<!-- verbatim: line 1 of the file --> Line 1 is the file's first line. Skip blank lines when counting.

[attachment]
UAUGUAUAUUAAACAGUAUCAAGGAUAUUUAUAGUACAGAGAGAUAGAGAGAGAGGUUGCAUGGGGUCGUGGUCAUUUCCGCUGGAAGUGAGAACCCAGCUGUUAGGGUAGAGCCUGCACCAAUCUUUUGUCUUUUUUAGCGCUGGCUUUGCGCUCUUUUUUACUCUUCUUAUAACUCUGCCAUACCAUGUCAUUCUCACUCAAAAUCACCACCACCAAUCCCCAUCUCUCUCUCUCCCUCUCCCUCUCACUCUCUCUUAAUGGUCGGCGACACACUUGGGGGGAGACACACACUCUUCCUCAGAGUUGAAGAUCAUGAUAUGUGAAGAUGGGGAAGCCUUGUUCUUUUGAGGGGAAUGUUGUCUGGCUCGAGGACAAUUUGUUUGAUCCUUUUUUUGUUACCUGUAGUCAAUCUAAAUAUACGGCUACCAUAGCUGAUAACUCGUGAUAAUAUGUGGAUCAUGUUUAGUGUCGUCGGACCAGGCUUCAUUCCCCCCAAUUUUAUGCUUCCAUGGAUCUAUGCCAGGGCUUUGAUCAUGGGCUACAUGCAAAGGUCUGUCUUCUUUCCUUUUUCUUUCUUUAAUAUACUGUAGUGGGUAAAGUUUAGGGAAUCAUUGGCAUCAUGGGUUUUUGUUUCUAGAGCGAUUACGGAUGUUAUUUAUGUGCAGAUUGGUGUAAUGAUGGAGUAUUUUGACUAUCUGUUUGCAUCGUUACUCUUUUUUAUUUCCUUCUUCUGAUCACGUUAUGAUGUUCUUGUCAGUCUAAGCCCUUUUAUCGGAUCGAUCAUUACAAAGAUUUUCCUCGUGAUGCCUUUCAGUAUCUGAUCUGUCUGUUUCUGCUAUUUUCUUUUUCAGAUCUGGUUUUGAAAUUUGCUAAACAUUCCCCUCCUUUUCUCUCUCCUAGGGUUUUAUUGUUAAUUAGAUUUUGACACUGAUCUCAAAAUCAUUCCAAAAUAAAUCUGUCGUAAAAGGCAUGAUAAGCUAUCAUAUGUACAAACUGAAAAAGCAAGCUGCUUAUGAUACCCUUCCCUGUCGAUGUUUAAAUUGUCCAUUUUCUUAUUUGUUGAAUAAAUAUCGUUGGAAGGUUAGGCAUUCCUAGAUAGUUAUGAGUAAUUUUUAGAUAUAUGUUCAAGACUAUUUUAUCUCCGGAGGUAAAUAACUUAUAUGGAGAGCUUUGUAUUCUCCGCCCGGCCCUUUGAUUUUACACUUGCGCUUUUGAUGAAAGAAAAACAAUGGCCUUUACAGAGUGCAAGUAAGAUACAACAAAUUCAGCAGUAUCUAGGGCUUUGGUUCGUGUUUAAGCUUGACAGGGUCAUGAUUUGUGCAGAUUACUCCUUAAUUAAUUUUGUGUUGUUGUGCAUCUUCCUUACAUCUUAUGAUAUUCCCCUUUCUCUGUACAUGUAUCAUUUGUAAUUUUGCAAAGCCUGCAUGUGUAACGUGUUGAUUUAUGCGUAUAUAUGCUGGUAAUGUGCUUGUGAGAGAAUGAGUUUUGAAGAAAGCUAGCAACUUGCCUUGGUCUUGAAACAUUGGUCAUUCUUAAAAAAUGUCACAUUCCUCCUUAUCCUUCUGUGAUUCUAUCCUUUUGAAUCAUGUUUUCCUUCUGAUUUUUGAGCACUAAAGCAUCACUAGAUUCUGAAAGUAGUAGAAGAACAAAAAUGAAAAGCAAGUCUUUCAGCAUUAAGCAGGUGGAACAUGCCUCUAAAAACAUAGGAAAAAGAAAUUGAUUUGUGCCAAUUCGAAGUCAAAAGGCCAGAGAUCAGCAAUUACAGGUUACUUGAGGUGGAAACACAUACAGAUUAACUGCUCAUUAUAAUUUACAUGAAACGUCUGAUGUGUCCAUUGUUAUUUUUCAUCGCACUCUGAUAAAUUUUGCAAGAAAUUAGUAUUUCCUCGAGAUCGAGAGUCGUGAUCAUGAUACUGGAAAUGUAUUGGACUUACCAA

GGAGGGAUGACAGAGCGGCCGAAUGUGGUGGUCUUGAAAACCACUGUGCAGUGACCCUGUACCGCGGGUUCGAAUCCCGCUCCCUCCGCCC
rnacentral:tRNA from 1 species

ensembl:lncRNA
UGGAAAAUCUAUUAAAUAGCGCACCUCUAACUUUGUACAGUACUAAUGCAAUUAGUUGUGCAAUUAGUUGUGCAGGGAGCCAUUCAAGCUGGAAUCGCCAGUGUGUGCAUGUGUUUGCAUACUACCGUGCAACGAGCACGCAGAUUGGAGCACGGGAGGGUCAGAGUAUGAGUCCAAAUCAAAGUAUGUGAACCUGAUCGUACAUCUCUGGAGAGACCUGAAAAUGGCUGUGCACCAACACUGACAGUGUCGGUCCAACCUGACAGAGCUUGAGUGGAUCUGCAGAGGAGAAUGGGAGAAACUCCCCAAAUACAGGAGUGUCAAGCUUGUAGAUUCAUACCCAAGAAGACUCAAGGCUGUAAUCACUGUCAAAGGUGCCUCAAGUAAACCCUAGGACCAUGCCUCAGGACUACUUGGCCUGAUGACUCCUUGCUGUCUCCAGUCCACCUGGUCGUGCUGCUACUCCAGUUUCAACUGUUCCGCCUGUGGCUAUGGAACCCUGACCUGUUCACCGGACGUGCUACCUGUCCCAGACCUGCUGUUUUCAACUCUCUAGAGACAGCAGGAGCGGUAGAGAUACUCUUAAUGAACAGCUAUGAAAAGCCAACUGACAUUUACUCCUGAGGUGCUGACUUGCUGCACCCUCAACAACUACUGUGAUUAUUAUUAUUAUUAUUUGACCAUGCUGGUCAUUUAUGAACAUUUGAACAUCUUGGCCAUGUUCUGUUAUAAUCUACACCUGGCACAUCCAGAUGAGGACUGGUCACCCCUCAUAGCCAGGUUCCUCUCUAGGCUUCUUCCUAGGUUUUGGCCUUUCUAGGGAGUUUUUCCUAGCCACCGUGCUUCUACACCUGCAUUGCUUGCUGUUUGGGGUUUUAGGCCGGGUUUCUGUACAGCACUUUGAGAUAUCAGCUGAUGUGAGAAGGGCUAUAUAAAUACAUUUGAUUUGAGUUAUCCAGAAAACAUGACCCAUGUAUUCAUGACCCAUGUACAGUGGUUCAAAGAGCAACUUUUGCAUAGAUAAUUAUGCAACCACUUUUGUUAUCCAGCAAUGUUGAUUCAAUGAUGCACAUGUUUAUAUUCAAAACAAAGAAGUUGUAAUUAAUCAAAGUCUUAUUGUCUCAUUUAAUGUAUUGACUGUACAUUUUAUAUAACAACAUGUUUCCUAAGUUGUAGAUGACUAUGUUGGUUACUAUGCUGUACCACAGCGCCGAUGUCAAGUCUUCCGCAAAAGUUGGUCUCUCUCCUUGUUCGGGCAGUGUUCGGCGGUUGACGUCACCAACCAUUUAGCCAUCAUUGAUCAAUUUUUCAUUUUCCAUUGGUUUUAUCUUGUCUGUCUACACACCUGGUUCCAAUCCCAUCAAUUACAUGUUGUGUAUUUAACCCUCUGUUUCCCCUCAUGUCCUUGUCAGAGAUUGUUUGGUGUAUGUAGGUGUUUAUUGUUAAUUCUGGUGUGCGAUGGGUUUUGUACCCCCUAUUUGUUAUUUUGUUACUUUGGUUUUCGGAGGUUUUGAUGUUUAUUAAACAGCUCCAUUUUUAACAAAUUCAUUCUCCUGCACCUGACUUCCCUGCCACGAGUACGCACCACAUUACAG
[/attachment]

UAUGUAUAUUAAACAGUAUCAAGGAUAUUUAUAGUACAGAGAGAUAGAGAGAGAGGUUGCAUGGGGUCGUGGUCAUUUCCGCUGGAAGUGAGAACCCAGCUGUUAGGGUAGAGCCUGCACCAAUCUUUUGUCUUUUUUAGCGCUGGCUUUGCGCUCUUUUUUACUCUUCUUAUAACUCUGCCAUACCAUGUCAUUCUCACUCAAAAUCACCACCACCAAUCCCCAUCUCUCUCUCUCCCUCUCCCUCUCACUCUCUCUUAAUGGUCGGCGACACACUUGGGGGGAGACACACACUCUUCCUCAGAGUUGAAGAUCAUGAUAUGUGAAGAUGGGGAAGCCUUGUUCUUUUGAGGGGAAUGUUGUCUGGCUCGAGGACAAUUUGUUUGAUCCUUUUUUUGUUACCUGUAGUCAAUCUAAAUAUACGGCUACCAUAGCUGAUAACUCGUGAUAAUAUGUGGAUCAUGUUUAGUGUCGUCGGACCAGGCUUCAUUCCCCCCAAUUUUAUGCUUCCAUGGAUCUAUGCCAGGGCUUUGAUCAUGGGCUACAUGCAAAGGUCUGUCUUCUUUCCUUUUUCUUUCUUUAAUAUACUGUAGUGGGUAAAGUUUAGGGAAUCAUUGGCAUCAUGGGUUUUUGUUUCUAGAGCGAUUACGGAUGUUAUUUAUGUGCAGAUUGGUGUAAUGAUGGAGUAUUUUGACUAUCUGUUUGCAUCGUUACUCUUUUUUAUUUCCUUCUUCUGAUCACGUUAUGAUGUUCUUGUCAGUCUAAGCCCUUUUAUCGGAUCGAUCAUUACAAAGAUUUUCCUCGUGAUGCCUUUCAGUAUCUGAUCUGUCUGUUUCUGCUAUUUUCUUUUUCAGAUCUGGUUUUGAAAUUUGCUAAACAUUCCCCUCCUUUUCUCUCUCCUAGGGUUUUAUUGUUAAUUAGAUUUUGACACUGAUCUCAAAAUCAUUCCAAAAUAAAUCUGUCGUAAAAGGCAUGAUAAGCUAUCAUAUGUACAAACUGAAAAAGCAAGCUGCUUAUGAUACCCUUCCCUGUCGAUGUUUAAAUUGUCCAUUUUCUUAUUUGUUGAAUAAAUAUCGUUGGAAGGUUAGGCAUUCCUAGAUAGUUAUGAGUAAUUUUUAGAUAUAUGUUCAAGACUAUUUUAUCUCCGGAGGUAAAUAACUUAUAUGGAGAGCUUUGUAUUCUCCGCCCGGCCCUUUGAUUUUACACUUGCGCUUUUGAUGAAAGAAAAACAAUGGCCUUUACAGAGUGCAAGUAAGAUACAACAAAUUCAGCAGUAUCUAGGGCUUUGGUUCGUGUUUAAGCUUGACAGGGUCAUGAUUUGUGCAGAUUACUCCUUAAUUAAUUUUGUGUUGUUGUGCAUCUUCCUUACAUCUUAUGAUAUUCCCCUUUCUCUGUACAUGUAUCAUUUGUAAUUUUGCAAAGCCUGCAUGUGUAACGUGUUGAUUUAUGCGUAUAUAUGCUGGUAAUGUGCUUGUGAGAGAAUGAGUUUUGAAGAAAGCUAGCAACUUGCCUUGGUCUUGAAACAUUGGUCAUUCUUAAAAAAUGUCACAUUCCUCCUUAUCCUUCUGUGAUUCUAUCCUUUUGAAUCAUGUUUUCCUUCUGAUUUUUGAGCACUAAAGCAUCACUAGAUUCUGAAAGUAGUAGAAGAACAAAAAUGAAAAGCAAGUCUUUCAGCAUUAAGCAGGUGGAACAUGCCUCUAAAAACAUAGGAAAAAGAAAUUGAUUUGUGCCAAUUCGAAGUCAAAAGGCCAGAGAUCAGCAAUUACAGGUUACUUGAGGUGGAAACACAUACAGAUUAACUGCUCAUUAUAAUUUACAUGAAACGUCUGAUGUGUCCAUUGUUAUUUUUCAUCGCACUCUGAUAAAUUUUGCAAGAAAUUAGUAUUUCCUCGAGAUCGAGAGUCGUGAUCAUGAUACUGGAAAUGUAUUGGACUUACCAA